Cory Doctorow's novel Little Brother explains the dangers of trading civil liberties for security. The book also explains the differences between effective security and security rituals (things we do to appear that there is security). The book also contains knowledge about how the public responds to oppressive-like authority (even if it doesn't mean to be). Understanding someone is a matter of perspective. Homeland Security should understand what it's like to be an American high school boy trying to get by in a world that struggles with how to be safe from terrorists.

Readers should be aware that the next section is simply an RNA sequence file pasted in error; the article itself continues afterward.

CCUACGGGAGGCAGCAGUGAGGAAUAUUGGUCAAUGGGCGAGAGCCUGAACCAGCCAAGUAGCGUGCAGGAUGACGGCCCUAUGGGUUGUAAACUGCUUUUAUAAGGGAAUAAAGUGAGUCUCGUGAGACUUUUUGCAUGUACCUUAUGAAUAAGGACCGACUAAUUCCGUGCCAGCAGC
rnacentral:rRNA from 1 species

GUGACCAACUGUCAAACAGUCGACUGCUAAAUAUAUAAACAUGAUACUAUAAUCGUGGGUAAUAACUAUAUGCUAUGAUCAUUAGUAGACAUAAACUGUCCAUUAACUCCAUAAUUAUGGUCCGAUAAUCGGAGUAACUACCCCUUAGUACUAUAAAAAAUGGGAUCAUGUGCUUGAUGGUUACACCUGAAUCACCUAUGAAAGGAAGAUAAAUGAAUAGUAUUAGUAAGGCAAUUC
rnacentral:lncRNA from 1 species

It's important that the good folks in the DHS understand how the public feels so that they can create solutions to the security problem that are compatible with our way of life. My father has recently retired from DHS. I'm giving him my personal copy of this book.
Budget for implementing this solution isn't a problem. Little Brother can be acquired for free (for non-commercial purposes):
Of course, DHS should support the author by buying copies of the book. However it is possible to give the employees the above link, and later, ask them to think about if their work has policies in place that safeguards the public from the problems described in the book.
A big fan of Little Brother and admirer of the author.
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